I have been thinking about thesis structure lately. The one with the most appeal right now is as follows. This is, naturally, a draft and subject to extensive revision.
Expertise and Legitimacy: the Role of Science in Global Environmental Policy-Making
- Stockholm and Kyoto: Case Studies
- Practical consequences of science based policy-making
- Theoretical and moral consequences
The introduction would lay out why the question is important, as well as establishing the methodological and theoretical foundations of the work. The issue will be described as a triple dialogue with one portion internal to the scientific community, one existing as a dynamic between politicians and scientists, and one as the perspective on such fused institutions held by those under their influence. All three will be identified as interesting, but the scope of the thesis will be limited to the discussion of the first two – with the third bracketed for later analysis. The purpose of highlighting the connections between technical decision-making and choices with moral and political consequences will be highlighted.
In laying out the two case studies, I will initially provide some general background on each. I will then establish why the contrast between the two is methodologically useful. In essence, I see Stockholm as a fairly clear reflection of the idealized path from scientific knowledge to policy; Kyoto, on the other hand, highlights all the complexities of politics, morality, and distributive justice. The chapter will then discuss specific lessons that can be extracted from each case, insofar as the role of science in global environmental policy-making is concerned.
The Terry Fenge book is the best source on Stockholm, though others will obviously need to be cited. There is no lack of information on Kyoto. It is important to filter it well, and not get lost in the details.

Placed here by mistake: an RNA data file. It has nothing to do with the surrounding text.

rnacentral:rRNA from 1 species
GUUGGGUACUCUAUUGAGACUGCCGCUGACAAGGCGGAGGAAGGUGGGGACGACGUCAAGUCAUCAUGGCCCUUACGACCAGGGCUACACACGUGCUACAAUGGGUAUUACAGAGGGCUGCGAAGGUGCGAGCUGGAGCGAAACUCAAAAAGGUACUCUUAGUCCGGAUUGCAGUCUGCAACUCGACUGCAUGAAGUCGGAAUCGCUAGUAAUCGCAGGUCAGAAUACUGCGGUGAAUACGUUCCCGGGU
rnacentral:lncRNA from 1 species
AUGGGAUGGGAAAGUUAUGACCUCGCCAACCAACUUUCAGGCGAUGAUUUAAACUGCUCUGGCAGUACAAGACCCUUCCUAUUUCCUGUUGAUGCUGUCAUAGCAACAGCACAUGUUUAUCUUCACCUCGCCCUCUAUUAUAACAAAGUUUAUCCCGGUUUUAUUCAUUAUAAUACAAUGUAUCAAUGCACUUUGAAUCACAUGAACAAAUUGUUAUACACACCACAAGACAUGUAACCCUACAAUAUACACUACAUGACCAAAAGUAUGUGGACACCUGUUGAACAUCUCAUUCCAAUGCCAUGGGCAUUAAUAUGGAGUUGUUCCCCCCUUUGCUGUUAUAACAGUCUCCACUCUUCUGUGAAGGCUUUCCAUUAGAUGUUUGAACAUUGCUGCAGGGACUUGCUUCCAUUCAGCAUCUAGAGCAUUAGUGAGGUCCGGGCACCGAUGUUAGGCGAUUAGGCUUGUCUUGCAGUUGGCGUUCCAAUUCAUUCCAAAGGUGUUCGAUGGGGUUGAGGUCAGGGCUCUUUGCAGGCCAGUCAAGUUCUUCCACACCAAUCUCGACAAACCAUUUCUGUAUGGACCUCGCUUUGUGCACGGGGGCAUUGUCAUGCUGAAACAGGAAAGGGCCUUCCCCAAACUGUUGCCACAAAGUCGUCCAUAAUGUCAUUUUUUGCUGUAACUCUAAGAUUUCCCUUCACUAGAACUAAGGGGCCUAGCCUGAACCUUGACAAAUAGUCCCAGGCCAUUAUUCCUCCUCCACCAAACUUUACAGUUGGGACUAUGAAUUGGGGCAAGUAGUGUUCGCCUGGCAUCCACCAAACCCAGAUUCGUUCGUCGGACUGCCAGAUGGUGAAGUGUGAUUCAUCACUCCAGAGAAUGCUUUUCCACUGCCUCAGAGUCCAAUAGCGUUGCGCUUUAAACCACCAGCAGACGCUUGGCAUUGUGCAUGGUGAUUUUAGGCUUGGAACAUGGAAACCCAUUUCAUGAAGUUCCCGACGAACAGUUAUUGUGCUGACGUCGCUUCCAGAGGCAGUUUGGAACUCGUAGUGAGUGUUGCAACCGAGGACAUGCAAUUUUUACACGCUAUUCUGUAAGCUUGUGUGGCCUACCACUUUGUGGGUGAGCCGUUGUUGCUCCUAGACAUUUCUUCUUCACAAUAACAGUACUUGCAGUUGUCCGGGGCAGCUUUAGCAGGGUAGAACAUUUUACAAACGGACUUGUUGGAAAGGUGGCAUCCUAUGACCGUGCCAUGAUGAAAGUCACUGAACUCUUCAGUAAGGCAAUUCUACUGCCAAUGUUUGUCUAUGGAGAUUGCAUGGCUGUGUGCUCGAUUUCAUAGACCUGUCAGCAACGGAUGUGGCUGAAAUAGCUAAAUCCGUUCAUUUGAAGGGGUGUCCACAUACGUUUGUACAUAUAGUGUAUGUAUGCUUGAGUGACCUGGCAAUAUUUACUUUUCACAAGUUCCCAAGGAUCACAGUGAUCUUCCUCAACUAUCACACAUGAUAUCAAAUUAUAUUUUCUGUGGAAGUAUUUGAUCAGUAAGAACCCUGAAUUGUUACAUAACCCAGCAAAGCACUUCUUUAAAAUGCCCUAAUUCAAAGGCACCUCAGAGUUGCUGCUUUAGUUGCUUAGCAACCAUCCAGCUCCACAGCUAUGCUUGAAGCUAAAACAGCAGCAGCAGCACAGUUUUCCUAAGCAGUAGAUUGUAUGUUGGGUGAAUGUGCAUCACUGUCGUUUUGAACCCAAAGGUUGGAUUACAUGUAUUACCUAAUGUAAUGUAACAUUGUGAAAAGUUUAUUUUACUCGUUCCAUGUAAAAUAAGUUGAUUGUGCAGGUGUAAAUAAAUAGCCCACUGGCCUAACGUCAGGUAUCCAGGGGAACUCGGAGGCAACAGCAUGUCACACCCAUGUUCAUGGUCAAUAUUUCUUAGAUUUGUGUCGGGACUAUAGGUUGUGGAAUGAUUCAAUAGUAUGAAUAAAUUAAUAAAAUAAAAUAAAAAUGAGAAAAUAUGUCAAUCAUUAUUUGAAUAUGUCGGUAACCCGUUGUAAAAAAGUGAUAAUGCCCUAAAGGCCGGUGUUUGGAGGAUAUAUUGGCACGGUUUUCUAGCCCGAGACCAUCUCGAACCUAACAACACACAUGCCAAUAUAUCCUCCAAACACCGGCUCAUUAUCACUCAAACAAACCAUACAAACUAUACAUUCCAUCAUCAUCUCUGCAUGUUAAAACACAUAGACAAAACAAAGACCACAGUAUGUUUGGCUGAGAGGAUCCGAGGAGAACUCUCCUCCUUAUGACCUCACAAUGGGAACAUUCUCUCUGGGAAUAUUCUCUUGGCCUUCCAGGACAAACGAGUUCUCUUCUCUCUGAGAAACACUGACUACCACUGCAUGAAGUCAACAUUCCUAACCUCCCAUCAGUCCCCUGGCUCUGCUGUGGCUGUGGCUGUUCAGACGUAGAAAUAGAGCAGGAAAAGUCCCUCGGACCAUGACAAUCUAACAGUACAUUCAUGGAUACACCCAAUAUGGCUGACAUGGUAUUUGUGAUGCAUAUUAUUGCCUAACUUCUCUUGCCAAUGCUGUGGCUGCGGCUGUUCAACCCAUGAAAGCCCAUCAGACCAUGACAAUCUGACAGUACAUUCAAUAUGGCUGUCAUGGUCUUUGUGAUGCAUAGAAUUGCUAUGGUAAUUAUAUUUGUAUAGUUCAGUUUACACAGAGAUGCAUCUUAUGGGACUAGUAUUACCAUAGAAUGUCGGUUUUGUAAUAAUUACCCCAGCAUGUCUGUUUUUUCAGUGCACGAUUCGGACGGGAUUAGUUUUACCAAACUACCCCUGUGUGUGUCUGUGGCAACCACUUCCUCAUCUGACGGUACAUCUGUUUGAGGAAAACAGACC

The second chapter will generalize from the two case studies to an examination of trends towards greater authority being granted to experts. It will take in discussion of the secondary literature, focusing on quantifiable trends such as the increased numbers of scientists and related technical experts working for international organizations, as well as within the foreign affairs branches of governments.
The practical implications of science in policy making have much to do with mechanisms for reaching consensus (or not) and then acting on it (or not). Practical differences in the reasoning styles and forms of truth seeking used by scientists and politicians will be discussed here.
Probably the most interesting chapter, the third is meant to address issues including the nature of science, its theoretical position vis a vis politics, and the dynamics of classifying decisions as technical (see this post). This chapter will include discussion of the Robinson Cruesoe analogy that Tristan raised in an earlier comment, as well as Allen Schmid’s article. Dobson’s book is also likely to prove useful here.
I haven’t decided on what these are to be yet. Hopefully, some measure of inspiration will strike me during the course of reading and thinking in upcoming months. Ideally, I would like to come up with a few useful conceptual tools for understanding the relationships central to this thesis. Even better, but unlikely, would be a more comprehensive framework of understanding, to arise on the basis of original thought and the extension of the ideas of others.
In laying all of this out, my aim is twofold. I want to decide what to include, and I want to sort out the order in which that can be done most logically and usefully. Comments on both, or on any other aspect of the project, are most welcome.